In the age of digitisation and increasing reliance on computerised records in judicial proceedings, the Supreme Court has held that the requirement of a certificate to make an electronic evidence admissible is not mandatory "wherever interest of justice so justifies".
In the age of digitisation and increasing reliance on computerised records in judicial proceedings, the Supreme Court has held that the requirement of a certificate to make an electronic evidence admissible is not mandatory “wherever interest of justice so justifies”. The top court’s clarification on section 65B of Indian Evidence Act, which deals with admissibility of electronic evidence in court proceedings, will have an impact on criminal trials, where an increasing number of call details records, CCTV footage, mobile video recordings and CDs are being relied upon. Interpreting section 65B(4) of the Evidence Act, a bench of Justices A K Goel and U U Lalit said the provision should be applied only when such electronic evidence is presented by a person who is in a position to produce such certificate. Section 65(B) of Indian Evidence Act says that electronic records needs to be certified by a person occupying a responsible official position for being admissible as evidence in any court proceedings. The top court, while examining the issue of video recording of crime scene in the country, dealt with the question if electronic evidence can be admissible for reliance in judicial proceedings. It said that if a person is not in a position to produce such certificate the provision of 65B should not be applied.
“If this is not so permitted, it will be denial of justice to the person who is in possession of authentic evidence/witness….Thus, requirement of certificate under Section 65B(4) is not always mandatory,” the bench said. The top court considered the views of four senior advocates Arun Mohan, Jayant Bhushan, Yashank Adhyaru and Meenakshi Arora, who were appointed as amicus curiae to assist in interpreting the provision of 65B, to enable admissibility of electronic records. “Accordingly, we clarify the legal position on the subject on the admissibility of the electronic evidence, especially by a party who is not in possession of device from which the document is produced. Such party cannot be required to produce certificate under Section 65B(4) of the Evidence Act,” the bench said.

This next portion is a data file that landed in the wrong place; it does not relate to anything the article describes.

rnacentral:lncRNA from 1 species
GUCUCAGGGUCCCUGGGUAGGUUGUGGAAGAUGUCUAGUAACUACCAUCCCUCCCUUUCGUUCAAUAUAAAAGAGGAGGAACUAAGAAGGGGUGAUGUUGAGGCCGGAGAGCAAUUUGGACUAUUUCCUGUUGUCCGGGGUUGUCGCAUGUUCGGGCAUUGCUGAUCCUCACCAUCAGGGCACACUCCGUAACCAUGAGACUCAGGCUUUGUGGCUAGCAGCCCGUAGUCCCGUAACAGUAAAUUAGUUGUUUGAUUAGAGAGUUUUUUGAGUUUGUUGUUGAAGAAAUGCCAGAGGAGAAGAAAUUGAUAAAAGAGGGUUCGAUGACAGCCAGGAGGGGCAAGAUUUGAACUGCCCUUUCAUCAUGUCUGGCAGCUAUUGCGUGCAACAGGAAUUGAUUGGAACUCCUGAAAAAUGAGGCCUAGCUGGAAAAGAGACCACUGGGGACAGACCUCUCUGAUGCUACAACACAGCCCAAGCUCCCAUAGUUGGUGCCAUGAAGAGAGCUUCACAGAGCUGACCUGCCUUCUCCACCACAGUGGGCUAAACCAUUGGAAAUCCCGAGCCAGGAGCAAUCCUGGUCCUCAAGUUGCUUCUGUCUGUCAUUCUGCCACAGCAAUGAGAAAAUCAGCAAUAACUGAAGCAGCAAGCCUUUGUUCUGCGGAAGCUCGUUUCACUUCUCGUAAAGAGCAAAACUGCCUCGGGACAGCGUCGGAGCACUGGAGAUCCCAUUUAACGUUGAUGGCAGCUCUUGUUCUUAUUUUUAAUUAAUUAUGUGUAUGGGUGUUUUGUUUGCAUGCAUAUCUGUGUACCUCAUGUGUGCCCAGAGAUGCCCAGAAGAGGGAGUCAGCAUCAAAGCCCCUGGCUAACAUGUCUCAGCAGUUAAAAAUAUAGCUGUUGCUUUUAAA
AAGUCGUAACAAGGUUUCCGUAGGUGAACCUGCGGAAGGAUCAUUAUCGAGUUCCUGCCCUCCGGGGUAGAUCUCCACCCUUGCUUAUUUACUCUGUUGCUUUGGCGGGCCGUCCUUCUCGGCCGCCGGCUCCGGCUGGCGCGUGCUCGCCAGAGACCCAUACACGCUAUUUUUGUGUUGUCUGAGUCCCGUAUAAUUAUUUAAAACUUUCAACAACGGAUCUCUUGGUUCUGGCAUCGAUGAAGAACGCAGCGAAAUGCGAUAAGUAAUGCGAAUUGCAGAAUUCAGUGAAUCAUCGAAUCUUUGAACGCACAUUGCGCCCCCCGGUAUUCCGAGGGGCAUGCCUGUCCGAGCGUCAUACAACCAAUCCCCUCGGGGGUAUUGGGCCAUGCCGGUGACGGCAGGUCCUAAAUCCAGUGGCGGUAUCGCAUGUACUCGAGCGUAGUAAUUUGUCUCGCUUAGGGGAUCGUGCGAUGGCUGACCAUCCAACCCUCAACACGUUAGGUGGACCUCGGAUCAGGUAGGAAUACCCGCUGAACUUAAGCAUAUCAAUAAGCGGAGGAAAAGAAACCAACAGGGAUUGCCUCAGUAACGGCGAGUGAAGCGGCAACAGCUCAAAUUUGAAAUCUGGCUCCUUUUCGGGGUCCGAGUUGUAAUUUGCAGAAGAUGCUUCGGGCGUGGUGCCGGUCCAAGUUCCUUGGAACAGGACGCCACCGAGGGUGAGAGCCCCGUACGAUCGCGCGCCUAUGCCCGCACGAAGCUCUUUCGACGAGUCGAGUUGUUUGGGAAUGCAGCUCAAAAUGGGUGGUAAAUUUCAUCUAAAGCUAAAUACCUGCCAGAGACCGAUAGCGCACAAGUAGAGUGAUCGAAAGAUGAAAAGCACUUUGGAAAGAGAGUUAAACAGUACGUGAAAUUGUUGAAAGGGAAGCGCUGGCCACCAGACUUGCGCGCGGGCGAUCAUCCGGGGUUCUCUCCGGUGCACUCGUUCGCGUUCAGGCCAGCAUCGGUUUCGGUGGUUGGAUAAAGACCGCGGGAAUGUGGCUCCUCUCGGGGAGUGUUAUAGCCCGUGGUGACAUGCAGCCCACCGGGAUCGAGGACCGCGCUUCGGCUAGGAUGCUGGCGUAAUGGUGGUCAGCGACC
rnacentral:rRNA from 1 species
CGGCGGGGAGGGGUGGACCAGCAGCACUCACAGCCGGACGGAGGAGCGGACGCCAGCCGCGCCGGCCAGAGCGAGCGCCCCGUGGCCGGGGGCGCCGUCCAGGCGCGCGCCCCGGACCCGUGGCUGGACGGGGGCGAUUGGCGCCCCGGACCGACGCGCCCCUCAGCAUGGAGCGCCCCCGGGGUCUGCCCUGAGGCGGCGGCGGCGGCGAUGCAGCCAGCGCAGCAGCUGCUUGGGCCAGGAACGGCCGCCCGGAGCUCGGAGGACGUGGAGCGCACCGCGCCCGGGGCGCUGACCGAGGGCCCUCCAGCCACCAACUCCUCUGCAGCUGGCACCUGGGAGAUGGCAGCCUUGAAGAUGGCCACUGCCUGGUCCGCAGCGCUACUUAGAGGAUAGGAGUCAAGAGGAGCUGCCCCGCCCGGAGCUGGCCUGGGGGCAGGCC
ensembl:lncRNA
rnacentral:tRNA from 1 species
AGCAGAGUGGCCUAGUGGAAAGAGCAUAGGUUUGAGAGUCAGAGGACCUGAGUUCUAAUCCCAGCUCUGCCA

The top court said that the applicability of requirement of certificate being procedural “can be relaxed by court wherever interest of justice so justifies”. During the marathon hearing, which continued for several days, the apex court also referred to two English Laws– Civil Evidence Act, 1968 and Police and Criminal Evidence Act, 1984 — which dealt with the admissibility of electronic evidence but have now been repealed in the United Kingdom. Senior counsels argued that at present under the existing provision, if a statement was given in the form electronic evidence, a certificate was required from a person occupying a responsible position in relation to operation of the relevant device or the management of relevant activities.
It was contended that if the electronic evidence was relevant and produced by a person who was not in custody of the device from which the electronic document was generated, requirement of such certificate could not be made mandatory. Senior advocate Jayant Bhushan said that section 65B of the Evidence Act was a “procedural provision” intended to “supplement the law” by declaring that any information in an electronic record, “is admissible in any proceedings without further proof of the original”. The bench had queried the senior lawyers, whether a person who wants to take a recourse of alibi in a criminal trial with the help of boarding pass of a flight, where there was no signature and was just a printout from a computer, can that document be not relied by the court for want of such certificate.
Similarly, the court gave another illustration and said suppose a person relies on a computer-generated receipt or a bill of a departmental store, which is given now a days at every small or big such shops, can the court say first go and get the certificate. “These are the questions, which we need to deliberate,” the bench said, and added that courts cannot afford to deny acceptance of such documents for want of certificate under section 65B.
Bhushan said that the evidence should be accepted by the court and later sent for verification to technical labs to see if it was tampered or not. The bench said that section 65 B of Evidence Act is a procedural provision and if the electronic evidence is “authentic and relevant” the same can certainly be admitted, subject to the satisfaction of the court and it may depend on situation such as “whether the person producing such evidence is in a position to furnish certificate under Section 65B(4)”.